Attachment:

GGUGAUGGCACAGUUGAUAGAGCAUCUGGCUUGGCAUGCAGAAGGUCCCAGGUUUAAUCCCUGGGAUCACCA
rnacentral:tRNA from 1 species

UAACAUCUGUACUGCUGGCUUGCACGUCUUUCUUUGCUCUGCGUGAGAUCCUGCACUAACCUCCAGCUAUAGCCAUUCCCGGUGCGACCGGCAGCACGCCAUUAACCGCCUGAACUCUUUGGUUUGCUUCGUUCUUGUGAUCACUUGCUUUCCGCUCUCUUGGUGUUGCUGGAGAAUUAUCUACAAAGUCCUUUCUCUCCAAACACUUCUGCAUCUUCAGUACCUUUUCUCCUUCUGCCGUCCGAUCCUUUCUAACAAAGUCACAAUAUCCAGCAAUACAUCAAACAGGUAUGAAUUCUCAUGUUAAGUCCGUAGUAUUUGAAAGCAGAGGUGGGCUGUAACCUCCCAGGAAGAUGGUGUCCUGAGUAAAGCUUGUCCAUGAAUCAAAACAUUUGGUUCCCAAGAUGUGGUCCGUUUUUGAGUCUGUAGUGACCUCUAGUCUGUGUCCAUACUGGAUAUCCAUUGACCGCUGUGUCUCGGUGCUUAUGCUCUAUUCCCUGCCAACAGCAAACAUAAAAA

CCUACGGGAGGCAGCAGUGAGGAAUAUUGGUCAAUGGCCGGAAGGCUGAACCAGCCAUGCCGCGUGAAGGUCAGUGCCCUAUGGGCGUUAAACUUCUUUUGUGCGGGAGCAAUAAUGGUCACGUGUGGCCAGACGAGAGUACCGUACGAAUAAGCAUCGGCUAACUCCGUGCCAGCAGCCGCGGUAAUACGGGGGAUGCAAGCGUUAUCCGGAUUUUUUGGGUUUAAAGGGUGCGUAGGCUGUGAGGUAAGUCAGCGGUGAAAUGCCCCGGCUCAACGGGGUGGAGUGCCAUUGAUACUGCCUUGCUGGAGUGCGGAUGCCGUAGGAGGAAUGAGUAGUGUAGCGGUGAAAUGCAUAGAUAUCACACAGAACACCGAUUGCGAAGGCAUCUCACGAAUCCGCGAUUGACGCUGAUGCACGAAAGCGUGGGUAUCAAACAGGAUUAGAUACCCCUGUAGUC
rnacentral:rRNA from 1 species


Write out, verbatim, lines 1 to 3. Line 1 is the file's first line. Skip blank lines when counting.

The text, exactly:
GGUGAUGGCACAGUUGAUAGAGCAUCUGGCUUGGCAUGCAGAAGGUCCCAGGUUUAAUCCCUGGGAUCACCA
rnacentral:tRNA from 1 species

UAACAUCUGUACUGCUGGCUUGCACGUCUUUCUUUGCUCUGCGUGAGAUCCUGCACUAACCUCCAGCUAUAGCCAUUCCCGGUGCGACCGGCAGCACGCCAUUAACCGCCUGAACUCUUUGGUUUGCUUCGUUCUUGUGAUCACUUGCUUUCCGCUCUCUUGGUGUUGCUGGAGAAUUAUCUACAAAGUCCUUUCUCUCCAAACACUUCUGCAUCUUCAGUACCUUUUCUCCUUCUGCCGUCCGAUCCUUUCUAACAAAGUCACAAUAUCCAGCAAUACAUCAAACAGGUAUGAAUUCUCAUGUUAAGUCCGUAGUAUUUGAAAGCAGAGGUGGGCUGUAACCUCCCAGGAAGAUGGUGUCCUGAGUAAAGCUUGUCCAUGAAUCAAAACAUUUGGUUCCCAAGAUGUGGUCCGUUUUUGAGUCUGUAGUGACCUCUAGUCUGUGUCCAUACUGGAUAUCCAUUGACCGCUGUGUCUCGGUGCUUAUGCUCUAUUCCCUGCCAACAGCAAACAUAAAAA